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I took these three photos from a charter boat my father and I rented out of Seward, Alaska. Seward, a gem of a town known as the start of the Iditarod Trail, is a place I someday hope to buy at summer home at. I remember looking up at the vacation homes on the hill overlooking the town and seeing myself owning one in the future. I would come up during the summer, and my days would consist of writing and any leisurely activity I deemed worthy of my excessive amounts of free time.

The first photo was one I took ten minutes after leaving the Seward harbor, at 5 in the morning. We skimmed along the chilly waters through the inlet leading out to the ocean, and on my left stood those beautiful mountains overshadowed by the rising sun. On the right… you guessed it, more mountains. For an hour these intimidating monstrosities protected us from the world beyond, and once we broke free and flew through choppy waters and overcast skies, it took another three hours to reach the spot where the halibut were biting.

Even though we traveled sixty miles from the Seward harbor, when we stopped over the underwater treasure trove of fish, we still found an array of islands to keep us company, each looming out of the grey that sprinkled a hint of its bounty onto us. Several hours later, after a day of mostly throwing back dogfish and getting to know the strangers who had paid for the charter boat’s services, we headed home. In the morning, when the early hours and the steady rocking of the speeding boat lulled nearly everyone except the driver asleep, I never had a chance to appreciate the scenery we’d passed through. Not on the trip back though. I donned my coat and zipped it tight. I remained steadfast on the deck during most of the time home, silently taking in the mountains of the mainland growing out of the far waters. That was when I snapped the next picture.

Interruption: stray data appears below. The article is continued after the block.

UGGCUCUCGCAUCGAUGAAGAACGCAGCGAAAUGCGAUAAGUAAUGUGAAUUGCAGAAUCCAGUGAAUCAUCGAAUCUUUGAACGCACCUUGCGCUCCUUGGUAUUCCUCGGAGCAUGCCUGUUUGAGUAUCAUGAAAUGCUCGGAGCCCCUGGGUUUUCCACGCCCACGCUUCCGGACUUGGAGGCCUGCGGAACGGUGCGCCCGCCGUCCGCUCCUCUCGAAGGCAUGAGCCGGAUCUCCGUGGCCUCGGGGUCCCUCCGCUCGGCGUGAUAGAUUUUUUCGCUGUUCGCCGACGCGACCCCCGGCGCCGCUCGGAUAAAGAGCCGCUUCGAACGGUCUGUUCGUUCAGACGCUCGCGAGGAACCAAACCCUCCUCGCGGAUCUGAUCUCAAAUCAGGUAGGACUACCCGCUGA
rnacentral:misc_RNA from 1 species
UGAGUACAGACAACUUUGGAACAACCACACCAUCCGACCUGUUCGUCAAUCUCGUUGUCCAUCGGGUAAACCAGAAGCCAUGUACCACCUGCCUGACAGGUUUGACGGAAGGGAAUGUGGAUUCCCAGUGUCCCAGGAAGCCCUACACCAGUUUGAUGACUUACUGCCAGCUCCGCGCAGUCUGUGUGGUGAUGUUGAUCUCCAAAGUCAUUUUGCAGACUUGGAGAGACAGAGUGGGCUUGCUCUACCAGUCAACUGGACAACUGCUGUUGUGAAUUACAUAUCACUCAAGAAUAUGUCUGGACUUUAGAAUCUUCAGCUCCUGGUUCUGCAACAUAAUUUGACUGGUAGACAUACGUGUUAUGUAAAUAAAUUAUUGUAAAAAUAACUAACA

With under an hour left of an otherwise boring boat ride, that’s when the two charter fishermen who weren’t driving sprang into action. They cut, sliced, and harvested the meat from the few dozen fish comprising of the boat’s catch of the day, and as we traveled back through the inlet that hours earlier had been a dark racetrack of water, Alaska granted me fantastic views of the surrounding cliffs and forests with its blindingly bright cover of clouds. My last photo is one such glimpse of what I experienced.

A day, with its ups and downs, disappointments and lazy demeanor, was one I’ll never forget. These photos were just a few instants of beauty I was immersed in for hours, and the nostalgia I feel now will someday well up until I can’t stand it, forcing me to purchase that summer home and revisit the place I grew too fond of.

 

 

 

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